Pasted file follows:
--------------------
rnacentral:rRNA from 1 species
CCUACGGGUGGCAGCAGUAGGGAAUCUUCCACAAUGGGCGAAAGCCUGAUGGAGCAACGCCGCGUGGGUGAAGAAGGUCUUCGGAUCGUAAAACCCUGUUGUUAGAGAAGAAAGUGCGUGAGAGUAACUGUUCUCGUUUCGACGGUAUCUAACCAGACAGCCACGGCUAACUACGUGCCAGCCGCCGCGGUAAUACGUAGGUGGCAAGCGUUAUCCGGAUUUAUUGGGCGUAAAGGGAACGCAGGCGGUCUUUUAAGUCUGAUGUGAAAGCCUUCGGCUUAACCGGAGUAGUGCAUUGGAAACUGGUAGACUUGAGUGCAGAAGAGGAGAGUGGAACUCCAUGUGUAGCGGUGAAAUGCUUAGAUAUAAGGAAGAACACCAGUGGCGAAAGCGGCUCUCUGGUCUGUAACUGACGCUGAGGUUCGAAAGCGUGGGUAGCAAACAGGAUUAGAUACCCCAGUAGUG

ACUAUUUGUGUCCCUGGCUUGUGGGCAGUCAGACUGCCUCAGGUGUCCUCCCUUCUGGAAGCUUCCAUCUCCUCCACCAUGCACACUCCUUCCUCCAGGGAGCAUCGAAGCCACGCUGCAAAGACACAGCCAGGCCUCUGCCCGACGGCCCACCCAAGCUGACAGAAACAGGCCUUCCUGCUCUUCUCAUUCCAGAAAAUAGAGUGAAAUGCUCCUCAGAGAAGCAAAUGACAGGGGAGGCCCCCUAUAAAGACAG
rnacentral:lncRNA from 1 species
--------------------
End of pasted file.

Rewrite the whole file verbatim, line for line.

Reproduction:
rnacentral:rRNA from 1 species
CCUACGGGUGGCAGCAGUAGGGAAUCUUCCACAAUGGGCGAAAGCCUGAUGGAGCAACGCCGCGUGGGUGAAGAAGGUCUUCGGAUCGUAAAACCCUGUUGUUAGAGAAGAAAGUGCGUGAGAGUAACUGUUCUCGUUUCGACGGUAUCUAACCAGACAGCCACGGCUAACUACGUGCCAGCCGCCGCGGUAAUACGUAGGUGGCAAGCGUUAUCCGGAUUUAUUGGGCGUAAAGGGAACGCAGGCGGUCUUUUAAGUCUGAUGUGAAAGCCUUCGGCUUAACCGGAGUAGUGCAUUGGAAACUGGUAGACUUGAGUGCAGAAGAGGAGAGUGGAACUCCAUGUGUAGCGGUGAAAUGCUUAGAUAUAAGGAAGAACACCAGUGGCGAAAGCGGCUCUCUGGUCUGUAACUGACGCUGAGGUUCGAAAGCGUGGGUAGCAAACAGGAUUAGAUACCCCAGUAGUG

ACUAUUUGUGUCCCUGGCUUGUGGGCAGUCAGACUGCCUCAGGUGUCCUCCCUUCUGGAAGCUUCCAUCUCCUCCACCAUGCACACUCCUUCCUCCAGGGAGCAUCGAAGCCACGCUGCAAAGACACAGCCAGGCCUCUGCCCGACGGCCCACCCAAGCUGACAGAAACAGGCCUUCCUGCUCUUCUCAUUCCAGAAAAUAGAGUGAAAUGCUCCUCAGAGAAGCAAAUGACAGGGGAGGCCCCCUAUAAAGACAG
rnacentral:lncRNA from 1 species